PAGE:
My Heart Can’t Beat Unless You Tell It To will is available on Digital Platforms from June 28th
Over recent years the vampire has found itself embedded in horror/drama that has sought to reflect the burdens of vampirism as an uncontrollable and inescapable illness. This version of the vampire transcends the image created in Universal’s monster flicks and the technicolour gore of Hammer. Here, our vampire’s are everyday people viewed through a lens of pity, isolation, disease and addiction. Each one desperately seeking to control their unquenchable thirst and live a normal life away from the torment of others. For many, this version of the vampire was born in George A Romero’s Martin (1978) and further developed in Thomas Alfredson’s Let the Right One In (2008). However, while both films broke ground in humanising the figure of the vampire, many films over the years have played with the concept of vampirism as an illness, addiction or disease.
Let’s take, for example, The Hunger (1983), where David Bowie’s Tom realises too late that eternal youth does not come with eternal life. His choice to enter the world of the vampire wrapped in regret as the illness eats away at him. Meanwhile, Only Lovers Left Alive (2013) focused on the isolation of the vampire and their inability to trust humankind. While more recently, Rose: A Love Story (2020) explored isolation and a partner’s need to protect their loved one at all costs. Jonathan Cuartas first feature-length movie owes much to Rose. His quiet and assured horror/drama wrapped in themes of family, protection and control.
Dwight (Patrick Fugit) lives for the night, prowling the streets in his truck looking for anyone who will not be missed; the homeless, street trade and lost souls all fair game. However, this is not a duty undertaken out of some sick pleasure. For Dwight, his nightly trips are a chore he must endure as he protects his reclusive brother, Thomas (Owen Campbell). His sister Jessie (Ingrid Sophie Schram) awaiting his return each night as she cares for Thomas.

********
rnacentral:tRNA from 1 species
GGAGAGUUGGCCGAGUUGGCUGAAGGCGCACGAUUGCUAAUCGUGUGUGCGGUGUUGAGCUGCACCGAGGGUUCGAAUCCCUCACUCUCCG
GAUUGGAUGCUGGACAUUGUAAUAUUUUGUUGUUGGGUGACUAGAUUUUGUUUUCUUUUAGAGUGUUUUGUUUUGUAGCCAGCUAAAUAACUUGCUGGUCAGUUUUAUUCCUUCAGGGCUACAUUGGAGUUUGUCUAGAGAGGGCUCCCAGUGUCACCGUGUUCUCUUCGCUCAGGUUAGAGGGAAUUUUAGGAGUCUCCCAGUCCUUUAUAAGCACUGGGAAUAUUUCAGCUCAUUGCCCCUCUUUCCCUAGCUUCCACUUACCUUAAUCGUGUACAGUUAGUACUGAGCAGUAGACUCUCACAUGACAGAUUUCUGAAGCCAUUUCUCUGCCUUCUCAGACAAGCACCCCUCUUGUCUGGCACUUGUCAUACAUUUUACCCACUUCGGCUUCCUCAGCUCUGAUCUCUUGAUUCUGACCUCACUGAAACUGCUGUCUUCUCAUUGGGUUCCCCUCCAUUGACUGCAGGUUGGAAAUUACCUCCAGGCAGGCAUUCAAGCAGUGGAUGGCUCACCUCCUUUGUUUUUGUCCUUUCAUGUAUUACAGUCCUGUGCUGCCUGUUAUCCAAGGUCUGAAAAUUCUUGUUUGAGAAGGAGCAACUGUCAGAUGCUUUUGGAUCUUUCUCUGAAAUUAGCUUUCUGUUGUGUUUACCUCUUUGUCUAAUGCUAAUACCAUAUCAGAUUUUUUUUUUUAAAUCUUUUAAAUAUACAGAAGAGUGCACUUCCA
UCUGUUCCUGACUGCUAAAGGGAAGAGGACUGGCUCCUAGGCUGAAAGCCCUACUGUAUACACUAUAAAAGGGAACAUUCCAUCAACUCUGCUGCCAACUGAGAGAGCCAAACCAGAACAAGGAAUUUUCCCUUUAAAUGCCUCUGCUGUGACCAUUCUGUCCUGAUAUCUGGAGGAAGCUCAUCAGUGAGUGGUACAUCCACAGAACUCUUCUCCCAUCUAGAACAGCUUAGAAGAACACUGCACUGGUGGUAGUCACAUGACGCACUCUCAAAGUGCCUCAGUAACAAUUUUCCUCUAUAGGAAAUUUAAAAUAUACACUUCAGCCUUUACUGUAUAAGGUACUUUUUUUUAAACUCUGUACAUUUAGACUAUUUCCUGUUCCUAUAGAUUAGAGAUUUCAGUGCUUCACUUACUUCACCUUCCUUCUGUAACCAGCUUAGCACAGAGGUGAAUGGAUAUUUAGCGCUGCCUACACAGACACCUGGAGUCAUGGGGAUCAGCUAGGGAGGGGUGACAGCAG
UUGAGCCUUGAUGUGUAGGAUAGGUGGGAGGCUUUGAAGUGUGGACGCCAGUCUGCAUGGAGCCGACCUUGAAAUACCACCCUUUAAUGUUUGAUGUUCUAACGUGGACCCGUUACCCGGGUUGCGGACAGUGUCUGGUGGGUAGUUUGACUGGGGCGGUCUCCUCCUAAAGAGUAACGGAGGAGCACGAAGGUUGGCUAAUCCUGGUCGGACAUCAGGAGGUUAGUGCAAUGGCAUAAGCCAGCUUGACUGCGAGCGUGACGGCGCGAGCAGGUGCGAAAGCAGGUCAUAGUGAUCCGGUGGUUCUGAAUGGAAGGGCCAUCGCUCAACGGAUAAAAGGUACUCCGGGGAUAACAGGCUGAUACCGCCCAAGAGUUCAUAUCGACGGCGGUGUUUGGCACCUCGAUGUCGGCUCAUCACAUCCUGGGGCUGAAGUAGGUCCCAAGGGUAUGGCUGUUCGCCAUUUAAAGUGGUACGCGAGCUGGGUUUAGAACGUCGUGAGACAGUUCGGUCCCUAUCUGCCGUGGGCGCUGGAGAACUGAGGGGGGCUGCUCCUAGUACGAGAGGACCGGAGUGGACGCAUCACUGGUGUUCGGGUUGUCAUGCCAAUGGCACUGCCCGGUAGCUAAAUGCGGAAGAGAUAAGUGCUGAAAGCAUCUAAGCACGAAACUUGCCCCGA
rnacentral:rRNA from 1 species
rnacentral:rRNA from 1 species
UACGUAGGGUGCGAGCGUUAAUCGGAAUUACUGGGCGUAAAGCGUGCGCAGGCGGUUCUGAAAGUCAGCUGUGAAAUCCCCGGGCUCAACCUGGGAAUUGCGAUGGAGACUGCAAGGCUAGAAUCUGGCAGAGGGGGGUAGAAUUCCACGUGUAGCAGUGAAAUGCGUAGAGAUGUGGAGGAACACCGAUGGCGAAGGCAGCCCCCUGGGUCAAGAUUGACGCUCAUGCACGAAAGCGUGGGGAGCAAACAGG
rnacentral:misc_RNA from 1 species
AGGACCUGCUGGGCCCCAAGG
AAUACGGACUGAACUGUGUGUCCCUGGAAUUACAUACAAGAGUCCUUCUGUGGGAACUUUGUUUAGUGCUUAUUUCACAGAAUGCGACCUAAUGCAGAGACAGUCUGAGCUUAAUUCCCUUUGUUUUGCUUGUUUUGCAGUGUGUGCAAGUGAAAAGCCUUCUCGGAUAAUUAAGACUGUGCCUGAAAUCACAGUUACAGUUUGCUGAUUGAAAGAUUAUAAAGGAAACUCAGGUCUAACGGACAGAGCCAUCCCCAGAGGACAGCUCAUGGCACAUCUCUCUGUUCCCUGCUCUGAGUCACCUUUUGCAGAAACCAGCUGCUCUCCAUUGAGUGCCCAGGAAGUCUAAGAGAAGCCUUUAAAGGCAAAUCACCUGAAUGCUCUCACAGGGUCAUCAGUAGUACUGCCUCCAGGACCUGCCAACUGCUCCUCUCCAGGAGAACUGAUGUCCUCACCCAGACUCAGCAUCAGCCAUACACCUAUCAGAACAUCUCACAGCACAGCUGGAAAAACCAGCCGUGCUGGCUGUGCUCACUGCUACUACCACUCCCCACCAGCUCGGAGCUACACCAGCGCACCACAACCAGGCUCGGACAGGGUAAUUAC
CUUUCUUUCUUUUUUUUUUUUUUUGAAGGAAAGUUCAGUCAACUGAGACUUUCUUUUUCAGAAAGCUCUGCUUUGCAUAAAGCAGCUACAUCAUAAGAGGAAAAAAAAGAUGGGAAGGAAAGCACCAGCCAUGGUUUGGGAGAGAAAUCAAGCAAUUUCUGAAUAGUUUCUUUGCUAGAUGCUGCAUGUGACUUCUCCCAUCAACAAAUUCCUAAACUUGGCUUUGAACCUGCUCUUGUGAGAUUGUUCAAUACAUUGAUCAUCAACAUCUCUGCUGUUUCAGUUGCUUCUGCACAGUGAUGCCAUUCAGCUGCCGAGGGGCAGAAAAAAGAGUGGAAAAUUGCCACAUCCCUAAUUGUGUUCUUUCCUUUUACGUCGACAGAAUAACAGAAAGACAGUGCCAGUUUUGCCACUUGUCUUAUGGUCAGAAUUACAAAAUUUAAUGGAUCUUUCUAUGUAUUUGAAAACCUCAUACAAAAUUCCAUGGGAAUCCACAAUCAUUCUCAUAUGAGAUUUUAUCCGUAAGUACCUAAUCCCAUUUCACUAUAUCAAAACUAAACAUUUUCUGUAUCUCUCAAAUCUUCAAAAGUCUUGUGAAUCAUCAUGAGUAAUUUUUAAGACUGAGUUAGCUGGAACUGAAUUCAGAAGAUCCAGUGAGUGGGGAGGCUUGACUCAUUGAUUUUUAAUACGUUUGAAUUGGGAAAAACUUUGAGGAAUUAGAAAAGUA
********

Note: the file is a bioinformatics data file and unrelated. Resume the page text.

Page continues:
However, with each new victim, Dwight loses another part of himself. His life slowly vanishing into a pit of despair and uncertainty. But Jesse and Thomas need Dwight to continue his march of death and destruction. Their home a prison of no escape until one boy forces the bars apart; Dwight offered an escape route, but at what cost?
Cuartas frames his story in a tight 4:3 format, creating an oppressive atmosphere for the viewer. While at the same time bathing his audience in a subdued colour pallet that only comes to life as the blood drains from Dwight’s victims. Meanwhile, Andrew Rease Shaw’s score creates a sombre atmosphere as we watch Dwight’s life slowly unravel. His need for escape jarring with a need to protect his sister and brother at any cost. The result is a claustrophobic, edgy and dark world. One built on conversations around the interface between loyalty, family, love and self-destruction. Here, Cuartas reflects many of the same themes found in Rose: A Love Story. But, unlike Jennifer Sheridan’s festival favourite, My Heart Can’t Beat Unless You Tell It To occasionally lacks the foreboding atmosphere needed to elevate its tension and enhance its horror.
Meanwhile, the relationship at the film’s heart, Dwight and his far more ruthless sister Jessie lacks depth. The themes of resentment, control and power circling their relationship often hollow. This is not in any way a criticism of Fugit and Schram’s performance, both superb alongside Campbell. Still, it does point to a screenplay that needed slightly more development in reaching its potential. However, the fascinating character here is Thomas, the reason for his condition a mystery. And while Dwight may be a victim of his need to protect his brother, it could be argued the real victim of the piece is Campbell’s Thomas. The film’s final act allowing his vulnerability, pain and internal despair to fly free. His cage, created by a well-meaning family, finally ripped apart.
My Heart Can’t Beat Unless You Tell It To is an assured debut feature from Cuartas. And while it may not reach the heights of Rose: A Love Story in both tension and dramatic impact, its slow-burn horror is nonetheless impressive. Its final act both touching, horrifying and delicate as Dwight faces a choice of no return. Will it satisfy those seeking a horror full of jump scares? No, but it will satisfy those seeking intelligent horror that dwells in the psychological need for escape. Escape from oneself, the rigid family ties that imprison us and a need to care for another no matter the personal cost. While simultaneously earning its place alongside its cinematic contemporaries as a vampire story rich in the complexity, alienation and fear of a life lived in darkness with an insatiable appetite for blood.